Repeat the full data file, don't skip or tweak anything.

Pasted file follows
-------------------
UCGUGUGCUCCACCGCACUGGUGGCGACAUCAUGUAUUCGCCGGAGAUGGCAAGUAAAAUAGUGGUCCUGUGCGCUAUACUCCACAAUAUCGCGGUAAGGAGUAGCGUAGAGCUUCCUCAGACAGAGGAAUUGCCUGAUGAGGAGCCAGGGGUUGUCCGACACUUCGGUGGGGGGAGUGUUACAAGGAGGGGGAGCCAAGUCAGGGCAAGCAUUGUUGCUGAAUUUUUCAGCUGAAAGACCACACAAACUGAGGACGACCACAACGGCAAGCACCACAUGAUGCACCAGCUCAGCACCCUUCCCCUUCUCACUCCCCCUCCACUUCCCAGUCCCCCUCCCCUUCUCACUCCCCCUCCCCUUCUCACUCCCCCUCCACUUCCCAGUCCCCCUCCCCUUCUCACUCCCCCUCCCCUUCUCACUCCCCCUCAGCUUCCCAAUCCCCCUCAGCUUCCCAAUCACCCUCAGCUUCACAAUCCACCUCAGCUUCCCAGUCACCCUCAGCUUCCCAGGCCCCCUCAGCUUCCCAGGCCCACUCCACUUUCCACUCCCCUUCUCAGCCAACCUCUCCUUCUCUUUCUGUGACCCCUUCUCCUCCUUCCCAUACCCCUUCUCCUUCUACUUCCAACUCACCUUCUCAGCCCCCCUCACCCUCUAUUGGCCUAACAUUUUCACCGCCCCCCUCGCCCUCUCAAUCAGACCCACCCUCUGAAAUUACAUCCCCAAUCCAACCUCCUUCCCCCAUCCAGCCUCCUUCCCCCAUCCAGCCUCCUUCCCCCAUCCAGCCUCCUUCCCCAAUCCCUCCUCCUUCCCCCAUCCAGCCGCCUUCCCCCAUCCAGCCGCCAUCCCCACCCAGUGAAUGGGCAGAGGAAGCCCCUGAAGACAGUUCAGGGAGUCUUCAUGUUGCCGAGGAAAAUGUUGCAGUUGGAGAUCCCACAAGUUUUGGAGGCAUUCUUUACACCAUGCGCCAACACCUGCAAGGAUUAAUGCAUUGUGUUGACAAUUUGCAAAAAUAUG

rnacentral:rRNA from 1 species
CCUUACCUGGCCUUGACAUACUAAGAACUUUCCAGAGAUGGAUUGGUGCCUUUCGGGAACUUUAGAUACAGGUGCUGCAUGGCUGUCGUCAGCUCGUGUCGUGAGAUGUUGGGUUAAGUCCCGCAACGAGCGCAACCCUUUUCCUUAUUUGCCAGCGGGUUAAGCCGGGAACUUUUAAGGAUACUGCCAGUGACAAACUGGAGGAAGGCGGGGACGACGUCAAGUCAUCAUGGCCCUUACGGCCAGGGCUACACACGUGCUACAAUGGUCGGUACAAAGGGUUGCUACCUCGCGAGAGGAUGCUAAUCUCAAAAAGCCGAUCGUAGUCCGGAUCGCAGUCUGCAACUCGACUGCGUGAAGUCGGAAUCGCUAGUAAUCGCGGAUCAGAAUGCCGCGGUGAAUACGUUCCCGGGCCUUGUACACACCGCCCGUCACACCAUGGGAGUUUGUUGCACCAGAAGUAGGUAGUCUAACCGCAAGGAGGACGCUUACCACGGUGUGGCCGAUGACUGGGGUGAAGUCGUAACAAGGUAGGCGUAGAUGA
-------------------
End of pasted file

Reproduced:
UCGUGUGCUCCACCGCACUGGUGGCGACAUCAUGUAUUCGCCGGAGAUGGCAAGUAAAAUAGUGGUCCUGUGCGCUAUACUCCACAAUAUCGCGGUAAGGAGUAGCGUAGAGCUUCCUCAGACAGAGGAAUUGCCUGAUGAGGAGCCAGGGGUUGUCCGACACUUCGGUGGGGGGAGUGUUACAAGGAGGGGGAGCCAAGUCAGGGCAAGCAUUGUUGCUGAAUUUUUCAGCUGAAAGACCACACAAACUGAGGACGACCACAACGGCAAGCACCACAUGAUGCACCAGCUCAGCACCCUUCCCCUUCUCACUCCCCCUCCACUUCCCAGUCCCCCUCCCCUUCUCACUCCCCCUCCCCUUCUCACUCCCCCUCCACUUCCCAGUCCCCCUCCCCUUCUCACUCCCCCUCCCCUUCUCACUCCCCCUCAGCUUCCCAAUCCCCCUCAGCUUCCCAAUCACCCUCAGCUUCACAAUCCACCUCAGCUUCCCAGUCACCCUCAGCUUCCCAGGCCCCCUCAGCUUCCCAGGCCCACUCCACUUUCCACUCCCCUUCUCAGCCAACCUCUCCUUCUCUUUCUGUGACCCCUUCUCCUCCUUCCCAUACCCCUUCUCCUUCUACUUCCAACUCACCUUCUCAGCCCCCCUCACCCUCUAUUGGCCUAACAUUUUCACCGCCCCCCUCGCCCUCUCAAUCAGACCCACCCUCUGAAAUUACAUCCCCAAUCCAACCUCCUUCCCCCAUCCAGCCUCCUUCCCCCAUCCAGCCUCCUUCCCCCAUCCAGCCUCCUUCCCCAAUCCCUCCUCCUUCCCCCAUCCAGCCGCCUUCCCCCAUCCAGCCGCCAUCCCCACCCAGUGAAUGGGCAGAGGAAGCCCCUGAAGACAGUUCAGGGAGUCUUCAUGUUGCCGAGGAAAAUGUUGCAGUUGGAGAUCCCACAAGUUUUGGAGGCAUUCUUUACACCAUGCGCCAACACCUGCAAGGAUUAAUGCAUUGUGUUGACAAUUUGCAAAAAUAUG

rnacentral:rRNA from 1 species
CCUUACCUGGCCUUGACAUACUAAGAACUUUCCAGAGAUGGAUUGGUGCCUUUCGGGAACUUUAGAUACAGGUGCUGCAUGGCUGUCGUCAGCUCGUGUCGUGAGAUGUUGGGUUAAGUCCCGCAACGAGCGCAACCCUUUUCCUUAUUUGCCAGCGGGUUAAGCCGGGAACUUUUAAGGAUACUGCCAGUGACAAACUGGAGGAAGGCGGGGACGACGUCAAGUCAUCAUGGCCCUUACGGCCAGGGCUACACACGUGCUACAAUGGUCGGUACAAAGGGUUGCUACCUCGCGAGAGGAUGCUAAUCUCAAAAAGCCGAUCGUAGUCCGGAUCGCAGUCUGCAACUCGACUGCGUGAAGUCGGAAUCGCUAGUAAUCGCGGAUCAGAAUGCCGCGGUGAAUACGUUCCCGGGCCUUGUACACACCGCCCGUCACACCAUGGGAGUUUGUUGCACCAGAAGUAGGUAGUCUAACCGCAAGGAGGACGCUUACCACGGUGUGGCCGAUGACUGGGGUGAAGUCGUAACAAGGUAGGCGUAGAUGA